Rurality and Participation in Mass Preventive Health Services : A Nationwide Descriptive Study
HiroshimaJMedSci_62_43.pdf 200 KB
People's engagement in community activities is reportedly stronger in rural areas than in urban areas. However, it is unknown whether this affects the health-seeking behaviour of residents inrural communities. We examined whether the rurality-related index of a community was associatedwith the participation rate of residents in community-based preventive health services. Based on the national census data on all the 1816 municipalities in Japan in 2007, the correlation was evaluated between the participation rate in cancer screening (stomach cancer, colorectal cancer) or influenza vaccination programmes among those older than 65, and each of the municipalitylevel variables. The correlations were examined by simple correlation and multiple regression analyses. The correlations were also evaluated between voting rate (a parameter of people's engagement in community activities) and each municipality-level variable with multiple regression analysis. Simple correlation analysis showed that the population density was negatively correlated with the participation rate of all (stomach cancer, colorectal cancer, and influenza) preventive programmes (r = -0.367, -0.171 and -0.188, respectively; each p <0.001). The significant correlations were maintained even after adjustment for other socioeconomic factors in multiple regression analysis in stomach cancer screening and influenza vaccination (β = -0.279 and -0.133, respectively: each p <0.05). Population density was negatively correlated with voting rate (β = -0.488: p <0.001). Residents in rural communities were more likely to participate in community -based mass preventive services and were more actively engaged in political activities than their urban counterparts. These results suggest that rural residents have a stronger sense of community, and this could potentially facilitate residents' engagement in mass preventive services.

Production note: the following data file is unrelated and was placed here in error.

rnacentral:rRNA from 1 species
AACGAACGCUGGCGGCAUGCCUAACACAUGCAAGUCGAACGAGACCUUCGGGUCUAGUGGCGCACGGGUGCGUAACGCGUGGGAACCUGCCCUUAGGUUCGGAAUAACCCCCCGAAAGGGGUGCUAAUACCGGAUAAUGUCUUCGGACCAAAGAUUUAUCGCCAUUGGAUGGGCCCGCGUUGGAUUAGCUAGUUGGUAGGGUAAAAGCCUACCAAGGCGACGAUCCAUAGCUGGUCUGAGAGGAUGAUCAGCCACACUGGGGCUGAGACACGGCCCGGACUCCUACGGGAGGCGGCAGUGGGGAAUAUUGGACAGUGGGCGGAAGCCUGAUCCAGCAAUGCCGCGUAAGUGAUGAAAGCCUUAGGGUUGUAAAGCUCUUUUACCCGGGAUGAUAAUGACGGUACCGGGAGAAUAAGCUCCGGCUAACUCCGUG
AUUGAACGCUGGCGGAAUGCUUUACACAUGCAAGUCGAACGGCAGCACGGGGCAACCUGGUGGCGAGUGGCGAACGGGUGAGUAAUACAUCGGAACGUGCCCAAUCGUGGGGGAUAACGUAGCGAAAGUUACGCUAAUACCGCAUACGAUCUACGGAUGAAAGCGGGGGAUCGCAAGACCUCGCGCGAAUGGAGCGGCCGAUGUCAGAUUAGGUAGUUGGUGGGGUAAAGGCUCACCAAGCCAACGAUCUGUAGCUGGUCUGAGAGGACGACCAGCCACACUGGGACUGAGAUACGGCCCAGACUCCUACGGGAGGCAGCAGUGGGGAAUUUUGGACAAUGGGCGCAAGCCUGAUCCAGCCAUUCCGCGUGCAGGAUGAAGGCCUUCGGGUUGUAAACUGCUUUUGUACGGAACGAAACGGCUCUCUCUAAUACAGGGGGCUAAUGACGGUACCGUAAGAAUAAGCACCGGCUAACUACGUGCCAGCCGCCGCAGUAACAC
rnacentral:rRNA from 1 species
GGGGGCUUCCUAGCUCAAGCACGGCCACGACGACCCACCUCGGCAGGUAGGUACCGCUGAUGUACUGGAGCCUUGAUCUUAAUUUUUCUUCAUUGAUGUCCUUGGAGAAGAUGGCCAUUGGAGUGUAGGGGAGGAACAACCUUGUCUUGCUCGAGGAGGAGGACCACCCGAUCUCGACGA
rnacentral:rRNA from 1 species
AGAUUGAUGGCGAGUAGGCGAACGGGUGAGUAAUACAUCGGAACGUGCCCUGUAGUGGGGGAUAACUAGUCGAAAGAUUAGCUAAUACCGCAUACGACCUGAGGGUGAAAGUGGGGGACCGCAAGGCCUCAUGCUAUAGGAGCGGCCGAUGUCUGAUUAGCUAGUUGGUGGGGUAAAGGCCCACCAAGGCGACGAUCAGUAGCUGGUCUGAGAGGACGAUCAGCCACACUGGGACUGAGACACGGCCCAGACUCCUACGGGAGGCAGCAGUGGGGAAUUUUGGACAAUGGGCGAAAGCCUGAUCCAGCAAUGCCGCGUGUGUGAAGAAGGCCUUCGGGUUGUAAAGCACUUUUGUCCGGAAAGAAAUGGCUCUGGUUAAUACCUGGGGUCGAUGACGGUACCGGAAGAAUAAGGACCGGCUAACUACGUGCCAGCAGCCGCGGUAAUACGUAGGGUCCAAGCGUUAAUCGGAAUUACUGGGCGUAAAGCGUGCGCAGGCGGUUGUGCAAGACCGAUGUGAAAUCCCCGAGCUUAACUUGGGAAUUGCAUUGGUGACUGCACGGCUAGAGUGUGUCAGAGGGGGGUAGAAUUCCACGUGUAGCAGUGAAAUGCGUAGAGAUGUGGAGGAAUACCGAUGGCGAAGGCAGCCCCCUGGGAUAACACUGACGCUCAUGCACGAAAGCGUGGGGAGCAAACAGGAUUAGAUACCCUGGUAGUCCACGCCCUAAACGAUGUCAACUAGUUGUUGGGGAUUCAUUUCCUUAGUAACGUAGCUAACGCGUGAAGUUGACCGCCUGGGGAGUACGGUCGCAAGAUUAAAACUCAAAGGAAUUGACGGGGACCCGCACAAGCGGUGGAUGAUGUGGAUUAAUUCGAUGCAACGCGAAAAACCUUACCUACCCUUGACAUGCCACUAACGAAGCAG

Hiroshima Journal of Medical Sciences
Hiroshima University Medical Press
(c) Hiroshima University Medical Press.